Norman Lamb admits feeling 'bruised' by Lib Dem collapse in East
Norman Lamb is feeling "bruised", he admits ruefully.
After this week's elections the political landscape in Norfolk has changed.
The MP for North Norfolk watched as 12 Lib Dem seats were lost on his home council and the Conservatives celebrated a notable victory.
He acknowledges his responsibility.
"I'm not saying I deny responsibility. I am part of the government. I have to take responsibility for this and it's a very sad time for us. There are some very committed councillors who've lost out."
The Clegg factor
Nick Clegg's adviser has spoken to his boss about the loss: "He told me he was sorry about North Norfolk."
Of course, Nick Clegg also watched as his home council on Sheffield was wrenched from the Lib Dems' grasp. His Deputy Leader of the Lib Dems, Simon Hughes, was quick to point out that Nick Clegg was "the issue".
In contrast, Colchester was the only place in the region where the Lib Dems held all their seats, and with increased majorities. Its Lib Dem MP, Bob Russell, has been a thorn in the coalition's side and he thanked the people of Colchester for their support.
Mr Lamb is quizzical: "Politics is so tribal in this country that it is almost impossible to actually function in a coalition at all. It's as if people simply don't understand us in an existential way."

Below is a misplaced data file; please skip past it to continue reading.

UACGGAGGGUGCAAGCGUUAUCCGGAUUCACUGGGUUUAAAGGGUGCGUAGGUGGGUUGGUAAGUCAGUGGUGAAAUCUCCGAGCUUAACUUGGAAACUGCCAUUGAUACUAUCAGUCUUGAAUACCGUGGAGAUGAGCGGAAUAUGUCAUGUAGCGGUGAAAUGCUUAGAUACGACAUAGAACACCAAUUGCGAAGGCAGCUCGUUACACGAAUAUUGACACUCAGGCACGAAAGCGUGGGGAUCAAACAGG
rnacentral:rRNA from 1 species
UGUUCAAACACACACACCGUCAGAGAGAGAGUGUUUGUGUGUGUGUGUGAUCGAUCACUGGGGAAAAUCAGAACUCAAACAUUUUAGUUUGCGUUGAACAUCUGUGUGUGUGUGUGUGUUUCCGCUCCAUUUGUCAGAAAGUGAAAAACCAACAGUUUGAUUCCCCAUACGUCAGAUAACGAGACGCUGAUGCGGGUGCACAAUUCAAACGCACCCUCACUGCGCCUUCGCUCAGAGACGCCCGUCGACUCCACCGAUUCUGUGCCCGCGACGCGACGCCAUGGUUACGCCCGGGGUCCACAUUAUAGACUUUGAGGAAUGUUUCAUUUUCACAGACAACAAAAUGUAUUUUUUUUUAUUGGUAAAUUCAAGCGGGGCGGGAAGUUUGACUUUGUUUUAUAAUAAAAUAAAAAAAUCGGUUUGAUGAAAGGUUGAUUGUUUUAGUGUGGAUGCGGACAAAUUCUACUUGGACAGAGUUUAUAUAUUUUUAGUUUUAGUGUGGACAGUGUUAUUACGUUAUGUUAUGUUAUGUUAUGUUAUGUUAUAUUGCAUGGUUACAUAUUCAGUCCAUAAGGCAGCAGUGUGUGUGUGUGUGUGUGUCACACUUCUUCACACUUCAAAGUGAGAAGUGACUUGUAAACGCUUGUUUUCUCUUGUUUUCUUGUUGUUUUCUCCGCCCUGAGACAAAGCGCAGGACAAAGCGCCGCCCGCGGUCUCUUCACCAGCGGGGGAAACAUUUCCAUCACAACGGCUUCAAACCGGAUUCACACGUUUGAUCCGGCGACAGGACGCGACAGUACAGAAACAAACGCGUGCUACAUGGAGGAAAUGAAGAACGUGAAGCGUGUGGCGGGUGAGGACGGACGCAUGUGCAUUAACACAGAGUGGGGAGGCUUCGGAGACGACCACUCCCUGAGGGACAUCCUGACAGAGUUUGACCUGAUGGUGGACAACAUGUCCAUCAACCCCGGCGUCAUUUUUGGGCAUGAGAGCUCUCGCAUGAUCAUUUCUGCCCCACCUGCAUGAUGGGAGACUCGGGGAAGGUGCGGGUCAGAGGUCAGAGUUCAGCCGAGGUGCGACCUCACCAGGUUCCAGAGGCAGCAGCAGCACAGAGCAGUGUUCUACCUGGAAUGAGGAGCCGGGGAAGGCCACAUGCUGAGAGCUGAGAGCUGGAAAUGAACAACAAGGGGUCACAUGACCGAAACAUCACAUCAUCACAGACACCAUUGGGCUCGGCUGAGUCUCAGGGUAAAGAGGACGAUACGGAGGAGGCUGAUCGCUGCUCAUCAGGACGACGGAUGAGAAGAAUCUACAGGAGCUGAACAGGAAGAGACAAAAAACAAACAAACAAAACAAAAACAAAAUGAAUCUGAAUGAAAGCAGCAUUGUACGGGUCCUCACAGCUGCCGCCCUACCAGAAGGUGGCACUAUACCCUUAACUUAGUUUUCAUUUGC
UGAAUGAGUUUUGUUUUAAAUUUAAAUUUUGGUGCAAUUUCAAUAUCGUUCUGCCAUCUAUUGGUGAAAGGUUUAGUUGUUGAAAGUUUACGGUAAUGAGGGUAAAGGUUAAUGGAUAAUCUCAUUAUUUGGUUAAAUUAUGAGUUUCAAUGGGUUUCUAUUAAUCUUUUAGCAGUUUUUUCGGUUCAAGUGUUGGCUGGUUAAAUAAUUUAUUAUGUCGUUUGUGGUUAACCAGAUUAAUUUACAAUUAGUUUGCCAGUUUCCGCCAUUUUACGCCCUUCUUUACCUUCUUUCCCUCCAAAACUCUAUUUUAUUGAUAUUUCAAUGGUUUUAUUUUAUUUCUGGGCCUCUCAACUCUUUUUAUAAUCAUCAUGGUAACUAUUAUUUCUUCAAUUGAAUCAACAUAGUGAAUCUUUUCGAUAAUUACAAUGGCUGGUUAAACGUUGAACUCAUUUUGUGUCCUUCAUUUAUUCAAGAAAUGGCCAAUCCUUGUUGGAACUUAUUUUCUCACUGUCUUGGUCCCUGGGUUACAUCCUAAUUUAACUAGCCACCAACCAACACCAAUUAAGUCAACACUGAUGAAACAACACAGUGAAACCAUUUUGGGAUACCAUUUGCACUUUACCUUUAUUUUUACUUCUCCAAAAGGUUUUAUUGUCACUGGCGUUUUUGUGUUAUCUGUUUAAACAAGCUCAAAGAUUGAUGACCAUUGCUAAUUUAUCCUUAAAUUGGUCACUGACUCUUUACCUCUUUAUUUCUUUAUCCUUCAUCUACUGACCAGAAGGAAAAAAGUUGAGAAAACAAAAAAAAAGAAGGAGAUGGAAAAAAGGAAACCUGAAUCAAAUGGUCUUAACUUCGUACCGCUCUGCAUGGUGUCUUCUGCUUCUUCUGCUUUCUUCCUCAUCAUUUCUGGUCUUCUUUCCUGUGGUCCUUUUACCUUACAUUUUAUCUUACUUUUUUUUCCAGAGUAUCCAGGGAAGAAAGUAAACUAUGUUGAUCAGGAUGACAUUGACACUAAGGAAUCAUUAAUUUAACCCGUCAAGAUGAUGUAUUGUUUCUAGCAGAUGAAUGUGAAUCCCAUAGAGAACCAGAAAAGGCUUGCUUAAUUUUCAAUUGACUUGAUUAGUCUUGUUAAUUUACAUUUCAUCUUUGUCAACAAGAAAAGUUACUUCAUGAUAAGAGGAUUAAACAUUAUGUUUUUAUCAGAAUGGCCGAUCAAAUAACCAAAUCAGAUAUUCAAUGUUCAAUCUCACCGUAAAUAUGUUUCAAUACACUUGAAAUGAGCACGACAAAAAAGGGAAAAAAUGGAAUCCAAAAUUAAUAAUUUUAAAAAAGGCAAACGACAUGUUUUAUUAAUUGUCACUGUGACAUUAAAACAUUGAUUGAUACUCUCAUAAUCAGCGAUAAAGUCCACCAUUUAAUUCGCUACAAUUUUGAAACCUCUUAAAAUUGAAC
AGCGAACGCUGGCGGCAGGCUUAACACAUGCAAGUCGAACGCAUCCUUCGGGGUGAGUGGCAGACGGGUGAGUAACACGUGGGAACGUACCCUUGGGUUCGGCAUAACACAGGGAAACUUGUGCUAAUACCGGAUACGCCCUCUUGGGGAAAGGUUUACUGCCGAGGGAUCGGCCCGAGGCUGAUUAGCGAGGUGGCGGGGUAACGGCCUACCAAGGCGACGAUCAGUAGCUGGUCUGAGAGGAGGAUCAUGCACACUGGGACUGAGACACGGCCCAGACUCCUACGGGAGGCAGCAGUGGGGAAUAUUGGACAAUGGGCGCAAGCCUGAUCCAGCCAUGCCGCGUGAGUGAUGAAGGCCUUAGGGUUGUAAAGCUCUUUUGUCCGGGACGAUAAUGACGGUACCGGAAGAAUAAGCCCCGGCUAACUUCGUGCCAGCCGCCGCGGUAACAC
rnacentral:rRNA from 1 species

"What's happened in North Norfolk is that the Labour vote's gone up and that has let the Tories in. The vote against the coalition is being directed at us. We are the human shield for the Conservatives."
But wasn't that always going to be the case? It was a risk going into a coalition in the first place - a risk that it could wipe out the Lib Dem party in the longer term?
"The case for the coalition was to stabilise things at a very, very difficult time. There could have been an economic crisis. We have created the conditions for the recovery, we are taking the flak -the Conservatives haven't been damaged by this."
"All the flak is coming to the Lib Dems but the obituary of the Lib Dems has been written many times."
He acknowledges, though, that the Lib Dems imploding is a real possibility, particularly if they cannot make the case for what they are achieving in the coalition.
"That's what the public doesn't see - how much every day that we are fighting over in the coalition and how much we are achieving,"
For a party that has been out of government for 60 years, losing its local government base that's taken generations to build, could be a salutary experience.